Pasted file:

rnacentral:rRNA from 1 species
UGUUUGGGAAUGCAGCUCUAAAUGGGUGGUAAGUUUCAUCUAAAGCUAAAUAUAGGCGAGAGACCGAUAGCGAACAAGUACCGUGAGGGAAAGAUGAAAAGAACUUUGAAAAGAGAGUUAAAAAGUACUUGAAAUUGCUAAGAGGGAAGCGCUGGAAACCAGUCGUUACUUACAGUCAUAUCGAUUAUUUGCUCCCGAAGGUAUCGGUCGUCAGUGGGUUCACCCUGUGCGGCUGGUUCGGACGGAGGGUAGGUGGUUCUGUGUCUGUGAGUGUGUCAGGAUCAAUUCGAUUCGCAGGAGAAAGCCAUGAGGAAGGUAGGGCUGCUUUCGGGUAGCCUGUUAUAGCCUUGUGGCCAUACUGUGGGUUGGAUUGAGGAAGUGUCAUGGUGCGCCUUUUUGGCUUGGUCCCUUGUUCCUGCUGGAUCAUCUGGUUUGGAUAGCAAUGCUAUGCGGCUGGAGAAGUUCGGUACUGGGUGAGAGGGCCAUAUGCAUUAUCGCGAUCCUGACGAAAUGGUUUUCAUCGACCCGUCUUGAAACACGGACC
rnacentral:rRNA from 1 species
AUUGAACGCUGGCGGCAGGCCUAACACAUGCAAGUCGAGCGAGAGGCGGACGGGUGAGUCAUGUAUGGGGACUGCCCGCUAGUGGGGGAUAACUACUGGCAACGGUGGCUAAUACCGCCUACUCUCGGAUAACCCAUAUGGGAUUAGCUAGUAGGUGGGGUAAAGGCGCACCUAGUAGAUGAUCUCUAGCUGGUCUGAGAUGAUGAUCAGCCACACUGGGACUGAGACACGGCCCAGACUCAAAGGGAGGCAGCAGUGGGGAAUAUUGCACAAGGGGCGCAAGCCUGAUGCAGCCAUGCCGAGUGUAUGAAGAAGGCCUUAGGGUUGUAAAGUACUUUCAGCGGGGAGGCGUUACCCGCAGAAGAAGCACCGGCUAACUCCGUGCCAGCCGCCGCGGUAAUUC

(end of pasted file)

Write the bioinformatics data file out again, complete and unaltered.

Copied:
rnacentral:rRNA from 1 species
UGUUUGGGAAUGCAGCUCUAAAUGGGUGGUAAGUUUCAUCUAAAGCUAAAUAUAGGCGAGAGACCGAUAGCGAACAAGUACCGUGAGGGAAAGAUGAAAAGAACUUUGAAAAGAGAGUUAAAAAGUACUUGAAAUUGCUAAGAGGGAAGCGCUGGAAACCAGUCGUUACUUACAGUCAUAUCGAUUAUUUGCUCCCGAAGGUAUCGGUCGUCAGUGGGUUCACCCUGUGCGGCUGGUUCGGACGGAGGGUAGGUGGUUCUGUGUCUGUGAGUGUGUCAGGAUCAAUUCGAUUCGCAGGAGAAAGCCAUGAGGAAGGUAGGGCUGCUUUCGGGUAGCCUGUUAUAGCCUUGUGGCCAUACUGUGGGUUGGAUUGAGGAAGUGUCAUGGUGCGCCUUUUUGGCUUGGUCCCUUGUUCCUGCUGGAUCAUCUGGUUUGGAUAGCAAUGCUAUGCGGCUGGAGAAGUUCGGUACUGGGUGAGAGGGCCAUAUGCAUUAUCGCGAUCCUGACGAAAUGGUUUUCAUCGACCCGUCUUGAAACACGGACC
rnacentral:rRNA from 1 species
AUUGAACGCUGGCGGCAGGCCUAACACAUGCAAGUCGAGCGAGAGGCGGACGGGUGAGUCAUGUAUGGGGACUGCCCGCUAGUGGGGGAUAACUACUGGCAACGGUGGCUAAUACCGCCUACUCUCGGAUAACCCAUAUGGGAUUAGCUAGUAGGUGGGGUAAAGGCGCACCUAGUAGAUGAUCUCUAGCUGGUCUGAGAUGAUGAUCAGCCACACUGGGACUGAGACACGGCCCAGACUCAAAGGGAGGCAGCAGUGGGGAAUAUUGCACAAGGGGCGCAAGCCUGAUGCAGCCAUGCCGAGUGUAUGAAGAAGGCCUUAGGGUUGUAAAGUACUUUCAGCGGGGAGGCGUUACCCGCAGAAGAAGCACCGGCUAACUCCGUGCCAGCCGCCGCGGUAAUUC